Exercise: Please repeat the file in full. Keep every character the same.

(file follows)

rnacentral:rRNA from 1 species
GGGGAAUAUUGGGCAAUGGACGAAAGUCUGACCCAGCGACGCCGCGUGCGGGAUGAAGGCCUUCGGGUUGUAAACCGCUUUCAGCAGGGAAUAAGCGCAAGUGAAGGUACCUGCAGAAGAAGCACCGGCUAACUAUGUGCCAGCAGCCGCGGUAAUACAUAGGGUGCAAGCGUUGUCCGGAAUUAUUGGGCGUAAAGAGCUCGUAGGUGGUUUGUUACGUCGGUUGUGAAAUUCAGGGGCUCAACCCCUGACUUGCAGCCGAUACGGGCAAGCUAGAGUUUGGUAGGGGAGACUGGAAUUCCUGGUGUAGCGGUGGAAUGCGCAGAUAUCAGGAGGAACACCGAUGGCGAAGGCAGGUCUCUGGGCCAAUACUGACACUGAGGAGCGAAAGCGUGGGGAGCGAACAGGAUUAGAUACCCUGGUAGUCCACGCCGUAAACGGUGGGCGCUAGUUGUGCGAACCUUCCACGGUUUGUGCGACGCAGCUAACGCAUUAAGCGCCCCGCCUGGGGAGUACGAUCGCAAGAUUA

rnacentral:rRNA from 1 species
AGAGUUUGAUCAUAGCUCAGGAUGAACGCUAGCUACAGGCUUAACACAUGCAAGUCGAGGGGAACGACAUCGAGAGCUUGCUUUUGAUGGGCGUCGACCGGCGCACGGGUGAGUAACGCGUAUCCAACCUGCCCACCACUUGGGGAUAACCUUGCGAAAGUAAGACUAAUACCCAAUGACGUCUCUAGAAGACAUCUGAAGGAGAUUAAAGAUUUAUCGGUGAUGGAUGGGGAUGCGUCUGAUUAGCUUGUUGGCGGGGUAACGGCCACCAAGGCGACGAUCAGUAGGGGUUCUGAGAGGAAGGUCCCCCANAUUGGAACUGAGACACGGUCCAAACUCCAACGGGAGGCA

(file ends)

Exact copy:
rnacentral:rRNA from 1 species
GGGGAAUAUUGGGCAAUGGACGAAAGUCUGACCCAGCGACGCCGCGUGCGGGAUGAAGGCCUUCGGGUUGUAAACCGCUUUCAGCAGGGAAUAAGCGCAAGUGAAGGUACCUGCAGAAGAAGCACCGGCUAACUAUGUGCCAGCAGCCGCGGUAAUACAUAGGGUGCAAGCGUUGUCCGGAAUUAUUGGGCGUAAAGAGCUCGUAGGUGGUUUGUUACGUCGGUUGUGAAAUUCAGGGGCUCAACCCCUGACUUGCAGCCGAUACGGGCAAGCUAGAGUUUGGUAGGGGAGACUGGAAUUCCUGGUGUAGCGGUGGAAUGCGCAGAUAUCAGGAGGAACACCGAUGGCGAAGGCAGGUCUCUGGGCCAAUACUGACACUGAGGAGCGAAAGCGUGGGGAGCGAACAGGAUUAGAUACCCUGGUAGUCCACGCCGUAAACGGUGGGCGCUAGUUGUGCGAACCUUCCACGGUUUGUGCGACGCAGCUAACGCAUUAAGCGCCCCGCCUGGGGAGUACGAUCGCAAGAUUA

rnacentral:rRNA from 1 species
AGAGUUUGAUCAUAGCUCAGGAUGAACGCUAGCUACAGGCUUAACACAUGCAAGUCGAGGGGAACGACAUCGAGAGCUUGCUUUUGAUGGGCGUCGACCGGCGCACGGGUGAGUAACGCGUAUCCAACCUGCCCACCACUUGGGGAUAACCUUGCGAAAGUAAGACUAAUACCCAAUGACGUCUCUAGAAGACAUCUGAAGGAGAUUAAAGAUUUAUCGGUGAUGGAUGGGGAUGCGUCUGAUUAGCUUGUUGGCGGGGUAACGGCCACCAAGGCGACGAUCAGUAGGGGUUCUGAGAGGAAGGUCCCCCANAUUGGAACUGAGACACGGUCCAAACUCCAACGGGAGGCA